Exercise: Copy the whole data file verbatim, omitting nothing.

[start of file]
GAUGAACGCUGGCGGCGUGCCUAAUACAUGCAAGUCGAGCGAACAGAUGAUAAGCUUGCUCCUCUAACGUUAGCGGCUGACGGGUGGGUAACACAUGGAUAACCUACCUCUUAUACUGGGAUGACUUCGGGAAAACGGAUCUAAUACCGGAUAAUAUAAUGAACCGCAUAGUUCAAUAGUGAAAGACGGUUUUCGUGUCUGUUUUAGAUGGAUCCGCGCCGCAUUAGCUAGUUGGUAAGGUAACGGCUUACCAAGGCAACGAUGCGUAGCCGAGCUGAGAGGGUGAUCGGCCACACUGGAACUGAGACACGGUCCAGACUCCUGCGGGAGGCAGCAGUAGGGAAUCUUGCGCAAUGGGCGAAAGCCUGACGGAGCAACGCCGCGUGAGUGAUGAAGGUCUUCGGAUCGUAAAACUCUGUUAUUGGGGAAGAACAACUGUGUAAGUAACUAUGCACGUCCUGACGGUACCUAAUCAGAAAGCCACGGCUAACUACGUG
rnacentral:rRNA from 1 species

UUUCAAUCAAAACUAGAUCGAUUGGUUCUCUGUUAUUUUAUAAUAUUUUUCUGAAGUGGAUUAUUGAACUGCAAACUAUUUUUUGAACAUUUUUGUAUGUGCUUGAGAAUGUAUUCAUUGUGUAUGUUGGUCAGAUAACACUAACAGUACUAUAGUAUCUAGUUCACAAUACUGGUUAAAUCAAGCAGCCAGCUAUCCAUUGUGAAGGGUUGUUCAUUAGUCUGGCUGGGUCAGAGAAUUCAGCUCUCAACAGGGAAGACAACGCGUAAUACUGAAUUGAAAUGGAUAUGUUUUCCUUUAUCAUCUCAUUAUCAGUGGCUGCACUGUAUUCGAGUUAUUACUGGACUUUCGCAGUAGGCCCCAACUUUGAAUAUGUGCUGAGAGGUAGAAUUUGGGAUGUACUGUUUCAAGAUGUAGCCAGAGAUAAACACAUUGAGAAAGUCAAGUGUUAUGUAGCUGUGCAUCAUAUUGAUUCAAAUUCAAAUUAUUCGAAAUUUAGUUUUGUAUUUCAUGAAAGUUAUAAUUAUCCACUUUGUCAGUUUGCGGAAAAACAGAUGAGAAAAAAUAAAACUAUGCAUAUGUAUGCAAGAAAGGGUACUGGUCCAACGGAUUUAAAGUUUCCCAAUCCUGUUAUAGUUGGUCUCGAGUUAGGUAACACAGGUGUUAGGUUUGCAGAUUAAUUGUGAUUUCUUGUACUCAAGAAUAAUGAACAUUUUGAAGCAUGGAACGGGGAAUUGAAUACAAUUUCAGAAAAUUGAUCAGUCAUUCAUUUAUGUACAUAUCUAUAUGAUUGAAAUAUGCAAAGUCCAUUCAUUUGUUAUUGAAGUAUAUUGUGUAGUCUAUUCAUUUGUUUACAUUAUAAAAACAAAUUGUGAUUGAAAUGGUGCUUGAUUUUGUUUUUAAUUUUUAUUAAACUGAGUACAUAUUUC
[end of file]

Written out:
GAUGAACGCUGGCGGCGUGCCUAAUACAUGCAAGUCGAGCGAACAGAUGAUAAGCUUGCUCCUCUAACGUUAGCGGCUGACGGGUGGGUAACACAUGGAUAACCUACCUCUUAUACUGGGAUGACUUCGGGAAAACGGAUCUAAUACCGGAUAAUAUAAUGAACCGCAUAGUUCAAUAGUGAAAGACGGUUUUCGUGUCUGUUUUAGAUGGAUCCGCGCCGCAUUAGCUAGUUGGUAAGGUAACGGCUUACCAAGGCAACGAUGCGUAGCCGAGCUGAGAGGGUGAUCGGCCACACUGGAACUGAGACACGGUCCAGACUCCUGCGGGAGGCAGCAGUAGGGAAUCUUGCGCAAUGGGCGAAAGCCUGACGGAGCAACGCCGCGUGAGUGAUGAAGGUCUUCGGAUCGUAAAACUCUGUUAUUGGGGAAGAACAACUGUGUAAGUAACUAUGCACGUCCUGACGGUACCUAAUCAGAAAGCCACGGCUAACUACGUG
rnacentral:rRNA from 1 species

UUUCAAUCAAAACUAGAUCGAUUGGUUCUCUGUUAUUUUAUAAUAUUUUUCUGAAGUGGAUUAUUGAACUGCAAACUAUUUUUUGAACAUUUUUGUAUGUGCUUGAGAAUGUAUUCAUUGUGUAUGUUGGUCAGAUAACACUAACAGUACUAUAGUAUCUAGUUCACAAUACUGGUUAAAUCAAGCAGCCAGCUAUCCAUUGUGAAGGGUUGUUCAUUAGUCUGGCUGGGUCAGAGAAUUCAGCUCUCAACAGGGAAGACAACGCGUAAUACUGAAUUGAAAUGGAUAUGUUUUCCUUUAUCAUCUCAUUAUCAGUGGCUGCACUGUAUUCGAGUUAUUACUGGACUUUCGCAGUAGGCCCCAACUUUGAAUAUGUGCUGAGAGGUAGAAUUUGGGAUGUACUGUUUCAAGAUGUAGCCAGAGAUAAACACAUUGAGAAAGUCAAGUGUUAUGUAGCUGUGCAUCAUAUUGAUUCAAAUUCAAAUUAUUCGAAAUUUAGUUUUGUAUUUCAUGAAAGUUAUAAUUAUCCACUUUGUCAGUUUGCGGAAAAACAGAUGAGAAAAAAUAAAACUAUGCAUAUGUAUGCAAGAAAGGGUACUGGUCCAACGGAUUUAAAGUUUCCCAAUCCUGUUAUAGUUGGUCUCGAGUUAGGUAACACAGGUGUUAGGUUUGCAGAUUAAUUGUGAUUUCUUGUACUCAAGAAUAAUGAACAUUUUGAAGCAUGGAACGGGGAAUUGAAUACAAUUUCAGAAAAUUGAUCAGUCAUUCAUUUAUGUACAUAUCUAUAUGAUUGAAAUAUGCAAAGUCCAUUCAUUUGUUAUUGAAGUAUAUUGUGUAGUCUAUUCAUUUGUUUACAUUAUAAAAACAAAUUGUGAUUGAAAUGGUGCUUGAUUUUGUUUUUAAUUUUUAUUAAACUGAGUACAUAUUUC